Adjuvant radiotherapy after surgery may prolong biochemical recurrence-free survival
MONDAY, Aug. 12, 2019 (HealthDay News) — Adjuvant radiotherapy after radical prostatectomy compared with surgery alone may prolong biochemical recurrence-free survival in patients with locally advanced prostate cancer, according to a study published online July 29 in European Urology.
Greetta Hackman, of the University of Helsinki, and colleagues recruited a total of 250 patients at eight hospitals in Finland who had either pT2 prostate cancer with positive margins or pT3a, pN0, M0 cancer regardless of margins. Patients were randomly assigned to an adjuvant radiotherapy or observation group. The adjuvant radiotherapy group received a radiation dose of 66.6 Gy. The median follow-up time was 9.3 years for patients in the adjuvant radiotherapy group and 8.6 years for patients in the observation group.
The researchers found that the group receiving adjuvant radiotherapy had a higher 10-year recurrence-free survival rate than the observation group (82 versus 61 percent; hazard ratio, 0.26; 95 percent confidence interval [CI], 0.14 to 0.48; P < 0.001). Overall survival rates were similar, at 92 percent for the adjuvant radiotherapy group and 87 percent for the observation group (hazard ratio, 0.69; 95 percent CI, 0.29 to 1.60; P = 0.4). However, 56 percent of patients who received radiotherapy experienced grade 3 adverse events compared with 40 percent in the observation group, and one patient in the adjuvant radiotherapy group experienced a grade 4 adverse event.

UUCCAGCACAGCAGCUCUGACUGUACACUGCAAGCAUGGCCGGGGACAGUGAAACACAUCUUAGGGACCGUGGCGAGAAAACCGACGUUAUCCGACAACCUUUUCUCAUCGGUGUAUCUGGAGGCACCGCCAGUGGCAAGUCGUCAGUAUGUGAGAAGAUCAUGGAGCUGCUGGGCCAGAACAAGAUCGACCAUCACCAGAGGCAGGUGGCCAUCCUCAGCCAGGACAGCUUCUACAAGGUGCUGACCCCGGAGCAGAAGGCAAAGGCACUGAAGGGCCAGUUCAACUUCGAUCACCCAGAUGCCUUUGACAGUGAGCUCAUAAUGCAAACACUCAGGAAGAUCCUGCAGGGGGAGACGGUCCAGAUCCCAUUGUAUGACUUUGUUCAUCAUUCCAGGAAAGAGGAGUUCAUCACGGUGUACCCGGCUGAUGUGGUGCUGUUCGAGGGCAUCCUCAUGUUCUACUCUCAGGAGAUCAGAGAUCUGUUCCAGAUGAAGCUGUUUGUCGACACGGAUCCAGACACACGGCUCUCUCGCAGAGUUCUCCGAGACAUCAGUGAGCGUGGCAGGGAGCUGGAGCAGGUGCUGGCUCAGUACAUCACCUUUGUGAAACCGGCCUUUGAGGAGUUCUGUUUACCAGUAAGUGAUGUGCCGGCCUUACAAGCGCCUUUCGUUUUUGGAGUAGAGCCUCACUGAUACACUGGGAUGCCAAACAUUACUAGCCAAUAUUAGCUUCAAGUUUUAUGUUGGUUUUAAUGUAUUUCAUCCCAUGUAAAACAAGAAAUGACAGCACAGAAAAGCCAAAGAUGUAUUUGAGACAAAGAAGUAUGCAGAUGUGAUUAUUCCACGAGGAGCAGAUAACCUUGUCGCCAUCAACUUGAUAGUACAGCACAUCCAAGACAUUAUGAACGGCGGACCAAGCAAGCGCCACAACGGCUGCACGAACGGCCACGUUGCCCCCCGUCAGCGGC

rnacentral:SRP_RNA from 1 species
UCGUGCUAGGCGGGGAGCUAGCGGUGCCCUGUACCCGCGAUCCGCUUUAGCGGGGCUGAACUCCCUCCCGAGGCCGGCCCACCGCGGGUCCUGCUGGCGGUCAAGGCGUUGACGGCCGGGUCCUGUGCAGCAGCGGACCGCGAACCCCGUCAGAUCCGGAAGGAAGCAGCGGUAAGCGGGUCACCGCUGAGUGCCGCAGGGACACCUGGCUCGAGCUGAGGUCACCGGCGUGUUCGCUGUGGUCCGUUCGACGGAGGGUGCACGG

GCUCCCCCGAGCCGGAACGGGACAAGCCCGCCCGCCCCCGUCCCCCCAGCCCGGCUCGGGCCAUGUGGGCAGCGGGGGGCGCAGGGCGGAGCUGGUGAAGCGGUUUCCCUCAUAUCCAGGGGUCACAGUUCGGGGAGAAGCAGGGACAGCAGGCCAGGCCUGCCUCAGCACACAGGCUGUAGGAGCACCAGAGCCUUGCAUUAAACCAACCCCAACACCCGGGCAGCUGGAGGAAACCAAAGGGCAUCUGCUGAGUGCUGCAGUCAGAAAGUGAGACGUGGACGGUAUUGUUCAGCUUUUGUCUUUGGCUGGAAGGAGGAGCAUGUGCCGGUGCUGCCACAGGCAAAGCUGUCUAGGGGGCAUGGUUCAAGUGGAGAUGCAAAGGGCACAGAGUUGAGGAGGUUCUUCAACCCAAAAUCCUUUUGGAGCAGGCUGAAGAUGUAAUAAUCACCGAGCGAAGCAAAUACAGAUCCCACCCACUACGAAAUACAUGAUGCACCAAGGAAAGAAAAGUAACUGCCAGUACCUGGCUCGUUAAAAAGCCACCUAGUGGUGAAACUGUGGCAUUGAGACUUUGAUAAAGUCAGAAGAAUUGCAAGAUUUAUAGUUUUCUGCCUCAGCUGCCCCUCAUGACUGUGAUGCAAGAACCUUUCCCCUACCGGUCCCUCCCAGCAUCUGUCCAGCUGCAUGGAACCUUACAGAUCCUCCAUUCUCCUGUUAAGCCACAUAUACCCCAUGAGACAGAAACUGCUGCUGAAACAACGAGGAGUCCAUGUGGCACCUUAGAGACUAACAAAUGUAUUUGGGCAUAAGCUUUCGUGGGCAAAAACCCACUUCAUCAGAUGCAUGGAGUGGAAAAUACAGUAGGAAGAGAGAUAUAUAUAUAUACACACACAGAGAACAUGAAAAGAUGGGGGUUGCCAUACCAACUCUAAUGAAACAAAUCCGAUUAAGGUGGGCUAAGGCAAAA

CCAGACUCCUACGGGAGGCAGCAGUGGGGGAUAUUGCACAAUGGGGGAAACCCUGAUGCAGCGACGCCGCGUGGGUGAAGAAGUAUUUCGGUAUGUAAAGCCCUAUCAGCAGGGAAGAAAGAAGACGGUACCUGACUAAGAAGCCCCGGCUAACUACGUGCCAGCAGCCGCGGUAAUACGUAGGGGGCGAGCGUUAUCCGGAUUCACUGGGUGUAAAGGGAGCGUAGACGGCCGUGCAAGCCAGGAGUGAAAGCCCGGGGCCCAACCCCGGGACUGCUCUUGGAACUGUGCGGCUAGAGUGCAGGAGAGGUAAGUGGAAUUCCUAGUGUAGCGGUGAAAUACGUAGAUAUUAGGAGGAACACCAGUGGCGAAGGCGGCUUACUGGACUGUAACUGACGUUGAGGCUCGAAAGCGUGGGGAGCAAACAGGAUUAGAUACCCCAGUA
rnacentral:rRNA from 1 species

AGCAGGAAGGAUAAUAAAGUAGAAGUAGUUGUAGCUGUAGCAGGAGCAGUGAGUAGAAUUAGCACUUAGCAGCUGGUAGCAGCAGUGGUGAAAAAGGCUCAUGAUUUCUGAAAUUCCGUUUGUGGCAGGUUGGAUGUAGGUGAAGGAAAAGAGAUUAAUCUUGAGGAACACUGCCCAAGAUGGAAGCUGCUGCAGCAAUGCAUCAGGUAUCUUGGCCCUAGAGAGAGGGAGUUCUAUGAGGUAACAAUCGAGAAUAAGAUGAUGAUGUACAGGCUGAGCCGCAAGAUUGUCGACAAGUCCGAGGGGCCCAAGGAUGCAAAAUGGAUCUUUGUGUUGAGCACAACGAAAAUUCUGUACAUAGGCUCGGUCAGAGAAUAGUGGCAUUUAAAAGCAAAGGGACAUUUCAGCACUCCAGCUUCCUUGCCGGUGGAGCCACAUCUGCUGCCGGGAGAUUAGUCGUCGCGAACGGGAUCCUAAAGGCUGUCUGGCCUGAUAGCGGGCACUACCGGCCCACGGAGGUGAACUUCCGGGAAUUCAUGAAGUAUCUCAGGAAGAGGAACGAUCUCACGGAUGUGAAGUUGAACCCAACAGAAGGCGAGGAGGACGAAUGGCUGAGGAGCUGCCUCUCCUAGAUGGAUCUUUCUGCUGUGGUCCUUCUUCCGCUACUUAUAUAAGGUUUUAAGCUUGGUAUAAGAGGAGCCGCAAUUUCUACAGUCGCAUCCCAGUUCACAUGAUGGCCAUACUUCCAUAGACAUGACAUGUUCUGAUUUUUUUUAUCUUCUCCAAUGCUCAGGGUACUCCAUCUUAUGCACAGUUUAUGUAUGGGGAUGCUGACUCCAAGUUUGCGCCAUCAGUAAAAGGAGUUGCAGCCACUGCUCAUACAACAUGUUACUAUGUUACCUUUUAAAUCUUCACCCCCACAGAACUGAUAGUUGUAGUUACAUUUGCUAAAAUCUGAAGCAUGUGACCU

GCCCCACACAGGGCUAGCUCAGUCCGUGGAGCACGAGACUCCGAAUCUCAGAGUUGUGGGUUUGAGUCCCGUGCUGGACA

“More treatment also means more side effects,” Hackman said in a statement. “However, at the same time, we can likely influence the disease’s prognosis in a situation in which the cancerous tissue already extends to the prostate’s surface or has penetrated through the prostate’s capsule, but has not yet metastasized.”
Several authors disclosed financial ties to the pharmaceutical industry.
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